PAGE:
Heaton tells me that he and Jacobs have worked extensively with Qantas to deliver an event that understood their particular needs and concerns.
"We call it 'finding the way to yes'. We take the same approach with the community - we advocate on behalf of the teams as well as Qantas. We are looking for ways of bringing them all together," he said.
"As it turns out, it came together exceptionally well. We are happy, and the feedback from Qantas has been very positive."
The real world problems presented to contestants included granting customers more control over their journey, increased participation in the Qantas carbon offsetting program, and ownership of the end-to-end customer experience. They also included better integrating travelers' social media networks with Qantas experiences, and creating a new point of sale (POS) system to enhance ancillary revenue.
Pitches and prizes
As everyone packed up their computers and scoffed the last of their lunch, we began to shuffle into the auditorium, ready to be wowed by the ideas.
"I do not envy you guys [the judges], this will be a real challenge," Jacobs warned me.
Hackathon winners were to be awarded between $500 and $4000 worth of Qantas travel vouchers, and entrants could also apply to take on a six month digital Qantas cadetship. But first - the pitches! Judges other than yours truly included Steven Cooper, seasoned hackathon judge and developer advocate for PayPal and Braintree Payments, Frank Arrigo; API evangelist in the Telstra Software Group and co-ordinator of Telstra hackathons; and Jo Boundy, head of digital and entertainment at Qantas. Boundy did a great job of stepping in at the last second for a sick Olivia Wirth, Qantas group executive, brand, marketing and corporate affairs.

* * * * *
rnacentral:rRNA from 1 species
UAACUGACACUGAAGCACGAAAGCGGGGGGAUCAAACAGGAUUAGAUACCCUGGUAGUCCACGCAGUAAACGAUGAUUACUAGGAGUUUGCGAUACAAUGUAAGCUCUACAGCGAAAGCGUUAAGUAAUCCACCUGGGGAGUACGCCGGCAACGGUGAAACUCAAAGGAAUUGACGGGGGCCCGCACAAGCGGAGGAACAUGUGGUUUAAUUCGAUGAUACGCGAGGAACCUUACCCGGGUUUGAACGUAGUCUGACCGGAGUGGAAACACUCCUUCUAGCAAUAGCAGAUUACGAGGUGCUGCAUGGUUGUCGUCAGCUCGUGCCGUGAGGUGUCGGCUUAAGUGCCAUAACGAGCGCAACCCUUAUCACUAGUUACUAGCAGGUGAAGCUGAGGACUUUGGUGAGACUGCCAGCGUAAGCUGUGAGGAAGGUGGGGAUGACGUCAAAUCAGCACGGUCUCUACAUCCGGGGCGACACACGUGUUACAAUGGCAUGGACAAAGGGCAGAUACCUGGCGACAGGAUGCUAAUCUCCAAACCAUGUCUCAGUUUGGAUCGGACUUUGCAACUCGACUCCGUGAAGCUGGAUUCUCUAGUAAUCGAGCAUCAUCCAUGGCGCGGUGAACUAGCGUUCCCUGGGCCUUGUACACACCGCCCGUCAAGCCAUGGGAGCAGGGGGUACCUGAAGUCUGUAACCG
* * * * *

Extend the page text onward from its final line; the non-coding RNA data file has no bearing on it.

Presentations from the 11 teams were nothing short of impressive ranging from travel planning apps with built-in APIs from Google, Uber and Hooroo to name a few, as well as gamification tactics, with quizzes and surveys used to increase customer engagement in market research initiatives in exchange for frequent flyer points.
Everyone was also very impressed with the virtual reality application pitch using Google Cardboard to provide travelers with the next best thing to real life experiences when planning their journey.
The teams were judged not only on their level of innovation and creativity but also the likelihood that the ideas could become a reality within Qantas strategy. Team 'Cool Mac' coding in the comfort of business class (source: David Wilson)
After much deliberation with my fellow judges, the winning team was a group of four from Deloitte Digital who created an on-flight frictionless payment concept for Qantas travelers who wished to upgrade seats, purchase additional items and contribute to carbon reduction in real time.
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